Since Oswald Peraza joined the Yankees, many fans, me included, were clamoring for him to start at shortstop. He only did so occasionally. He was not even on the ALDS roster. Boone was vigorous in his defense of Isiah Kiner-Falefa as both an offensive and defensive player. Boone would get irritated and practically apoplectic if anyone asked him about IKF's defensive shortcomings. After IKF's struggles in the first three games of the ALDS, he did not start again. He was banished to the bench and replaced by Oswaldo Cabrera, because Peraza was not on the roster. IKF returned for Game One of the ALCS but, was replaced by Peraza late in the game. Peraza then started Game Two and made some excellent defensive plays. There is a problem with this.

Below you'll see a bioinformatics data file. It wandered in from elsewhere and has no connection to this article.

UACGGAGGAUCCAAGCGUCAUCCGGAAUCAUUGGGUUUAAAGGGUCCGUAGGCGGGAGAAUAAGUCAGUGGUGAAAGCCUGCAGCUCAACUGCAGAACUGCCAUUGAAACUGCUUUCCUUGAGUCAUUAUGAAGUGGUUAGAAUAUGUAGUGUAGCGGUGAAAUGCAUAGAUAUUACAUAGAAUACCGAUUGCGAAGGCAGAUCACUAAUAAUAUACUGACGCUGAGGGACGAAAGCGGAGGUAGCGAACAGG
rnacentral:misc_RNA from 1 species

If Boone played Oswald Peraza consistently at shortstop at the end of the season, he would have gained more experience on the major league level. Boone did not play him regularly. He didn't play him at all in the ALDS. He wasn't even on the roster. Peraza started the second game of the ALCS after not playing for several days. He was cold and out of sync as a hitter. That is not setting your prized rookie up for the greatest level of success.
In the same vein, starting Giancarlo Stanton in left field in Game One was not a great idea. It's not that he was horrible out there; he was not. He misplayed one ball, but he also made a fine catch. The issue is that Stanton missed most of the second half of the season with leg injuries. He is a crucial part of this lineup. Losing him at this point would be a disaster. If you wanted to play Stanton in the outfield in a game in the middle of May, that would be one thing. But a tough championship series against your arch-nemesis is something else altogether.